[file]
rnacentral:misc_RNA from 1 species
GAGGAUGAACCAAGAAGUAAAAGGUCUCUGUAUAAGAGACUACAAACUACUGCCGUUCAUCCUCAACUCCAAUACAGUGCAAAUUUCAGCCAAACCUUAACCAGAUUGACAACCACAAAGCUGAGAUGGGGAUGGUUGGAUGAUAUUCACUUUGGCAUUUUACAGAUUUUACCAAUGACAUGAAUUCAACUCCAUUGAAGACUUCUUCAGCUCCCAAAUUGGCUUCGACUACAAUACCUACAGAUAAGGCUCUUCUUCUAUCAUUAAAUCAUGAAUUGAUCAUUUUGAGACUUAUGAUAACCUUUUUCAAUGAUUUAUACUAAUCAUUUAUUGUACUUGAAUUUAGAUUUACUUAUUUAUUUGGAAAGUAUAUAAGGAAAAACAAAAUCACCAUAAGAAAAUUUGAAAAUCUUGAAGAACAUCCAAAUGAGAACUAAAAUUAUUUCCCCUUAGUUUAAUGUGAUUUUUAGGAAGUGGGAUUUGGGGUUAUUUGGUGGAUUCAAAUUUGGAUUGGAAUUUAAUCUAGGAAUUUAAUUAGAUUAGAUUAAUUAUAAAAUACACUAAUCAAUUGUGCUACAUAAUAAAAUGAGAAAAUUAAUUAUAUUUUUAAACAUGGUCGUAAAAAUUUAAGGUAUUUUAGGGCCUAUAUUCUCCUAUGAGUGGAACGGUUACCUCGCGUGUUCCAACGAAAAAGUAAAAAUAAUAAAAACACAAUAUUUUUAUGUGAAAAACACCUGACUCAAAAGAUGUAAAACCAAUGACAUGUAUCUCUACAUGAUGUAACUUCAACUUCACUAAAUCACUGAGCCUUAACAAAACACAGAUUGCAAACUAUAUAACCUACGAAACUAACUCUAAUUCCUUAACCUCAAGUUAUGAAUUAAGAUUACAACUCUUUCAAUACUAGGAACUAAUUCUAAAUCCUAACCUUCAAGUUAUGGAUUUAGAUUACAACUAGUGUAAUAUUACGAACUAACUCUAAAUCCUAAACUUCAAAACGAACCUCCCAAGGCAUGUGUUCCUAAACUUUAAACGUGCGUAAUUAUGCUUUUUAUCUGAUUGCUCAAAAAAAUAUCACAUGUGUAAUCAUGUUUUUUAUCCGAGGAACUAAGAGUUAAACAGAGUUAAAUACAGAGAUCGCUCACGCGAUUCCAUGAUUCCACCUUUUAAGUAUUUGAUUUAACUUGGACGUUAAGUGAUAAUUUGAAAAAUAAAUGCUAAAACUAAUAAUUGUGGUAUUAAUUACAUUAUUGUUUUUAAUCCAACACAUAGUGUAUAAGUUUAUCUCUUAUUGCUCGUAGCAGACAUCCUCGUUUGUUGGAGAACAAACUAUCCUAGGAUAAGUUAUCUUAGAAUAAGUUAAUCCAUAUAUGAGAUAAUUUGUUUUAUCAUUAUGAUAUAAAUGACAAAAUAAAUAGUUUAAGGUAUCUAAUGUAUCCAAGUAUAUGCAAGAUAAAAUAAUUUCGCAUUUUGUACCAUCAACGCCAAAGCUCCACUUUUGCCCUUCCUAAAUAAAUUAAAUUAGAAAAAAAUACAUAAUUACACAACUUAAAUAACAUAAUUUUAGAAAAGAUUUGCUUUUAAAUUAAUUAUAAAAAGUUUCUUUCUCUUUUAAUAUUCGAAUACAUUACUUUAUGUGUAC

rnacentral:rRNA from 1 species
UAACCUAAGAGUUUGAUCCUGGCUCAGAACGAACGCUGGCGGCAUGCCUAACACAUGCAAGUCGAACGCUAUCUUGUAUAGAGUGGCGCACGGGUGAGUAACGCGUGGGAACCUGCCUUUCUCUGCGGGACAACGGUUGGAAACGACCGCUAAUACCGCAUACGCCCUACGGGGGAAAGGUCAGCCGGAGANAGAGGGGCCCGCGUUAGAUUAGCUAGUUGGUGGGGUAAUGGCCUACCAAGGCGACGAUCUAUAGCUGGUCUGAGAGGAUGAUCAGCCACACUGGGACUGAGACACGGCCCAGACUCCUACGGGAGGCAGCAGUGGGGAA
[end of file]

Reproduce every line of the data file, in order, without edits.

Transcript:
rnacentral:misc_RNA from 1 species
GAGGAUGAACCAAGAAGUAAAAGGUCUCUGUAUAAGAGACUACAAACUACUGCCGUUCAUCCUCAACUCCAAUACAGUGCAAAUUUCAGCCAAACCUUAACCAGAUUGACAACCACAAAGCUGAGAUGGGGAUGGUUGGAUGAUAUUCACUUUGGCAUUUUACAGAUUUUACCAAUGACAUGAAUUCAACUCCAUUGAAGACUUCUUCAGCUCCCAAAUUGGCUUCGACUACAAUACCUACAGAUAAGGCUCUUCUUCUAUCAUUAAAUCAUGAAUUGAUCAUUUUGAGACUUAUGAUAACCUUUUUCAAUGAUUUAUACUAAUCAUUUAUUGUACUUGAAUUUAGAUUUACUUAUUUAUUUGGAAAGUAUAUAAGGAAAAACAAAAUCACCAUAAGAAAAUUUGAAAAUCUUGAAGAACAUCCAAAUGAGAACUAAAAUUAUUUCCCCUUAGUUUAAUGUGAUUUUUAGGAAGUGGGAUUUGGGGUUAUUUGGUGGAUUCAAAUUUGGAUUGGAAUUUAAUCUAGGAAUUUAAUUAGAUUAGAUUAAUUAUAAAAUACACUAAUCAAUUGUGCUACAUAAUAAAAUGAGAAAAUUAAUUAUAUUUUUAAACAUGGUCGUAAAAAUUUAAGGUAUUUUAGGGCCUAUAUUCUCCUAUGAGUGGAACGGUUACCUCGCGUGUUCCAACGAAAAAGUAAAAAUAAUAAAAACACAAUAUUUUUAUGUGAAAAACACCUGACUCAAAAGAUGUAAAACCAAUGACAUGUAUCUCUACAUGAUGUAACUUCAACUUCACUAAAUCACUGAGCCUUAACAAAACACAGAUUGCAAACUAUAUAACCUACGAAACUAACUCUAAUUCCUUAACCUCAAGUUAUGAAUUAAGAUUACAACUCUUUCAAUACUAGGAACUAAUUCUAAAUCCUAACCUUCAAGUUAUGGAUUUAGAUUACAACUAGUGUAAUAUUACGAACUAACUCUAAAUCCUAAACUUCAAAACGAACCUCCCAAGGCAUGUGUUCCUAAACUUUAAACGUGCGUAAUUAUGCUUUUUAUCUGAUUGCUCAAAAAAAUAUCACAUGUGUAAUCAUGUUUUUUAUCCGAGGAACUAAGAGUUAAACAGAGUUAAAUACAGAGAUCGCUCACGCGAUUCCAUGAUUCCACCUUUUAAGUAUUUGAUUUAACUUGGACGUUAAGUGAUAAUUUGAAAAAUAAAUGCUAAAACUAAUAAUUGUGGUAUUAAUUACAUUAUUGUUUUUAAUCCAACACAUAGUGUAUAAGUUUAUCUCUUAUUGCUCGUAGCAGACAUCCUCGUUUGUUGGAGAACAAACUAUCCUAGGAUAAGUUAUCUUAGAAUAAGUUAAUCCAUAUAUGAGAUAAUUUGUUUUAUCAUUAUGAUAUAAAUGACAAAAUAAAUAGUUUAAGGUAUCUAAUGUAUCCAAGUAUAUGCAAGAUAAAAUAAUUUCGCAUUUUGUACCAUCAACGCCAAAGCUCCACUUUUGCCCUUCCUAAAUAAAUUAAAUUAGAAAAAAAUACAUAAUUACACAACUUAAAUAACAUAAUUUUAGAAAAGAUUUGCUUUUAAAUUAAUUAUAAAAAGUUUCUUUCUCUUUUAAUAUUCGAAUACAUUACUUUAUGUGUAC

rnacentral:rRNA from 1 species
UAACCUAAGAGUUUGAUCCUGGCUCAGAACGAACGCUGGCGGCAUGCCUAACACAUGCAAGUCGAACGCUAUCUUGUAUAGAGUGGCGCACGGGUGAGUAACGCGUGGGAACCUGCCUUUCUCUGCGGGACAACGGUUGGAAACGACCGCUAAUACCGCAUACGCCCUACGGGGGAAAGGUCAGCCGGAGANAGAGGGGCCCGCGUUAGAUUAGCUAGUUGGUGGGGUAAUGGCCUACCAAGGCGACGAUCUAUAGCUGGUCUGAGAGGAUGAUCAGCCACACUGGGACUGAGACACGGCCCAGACUCCUACGGGAGGCAGCAGUGGGGAA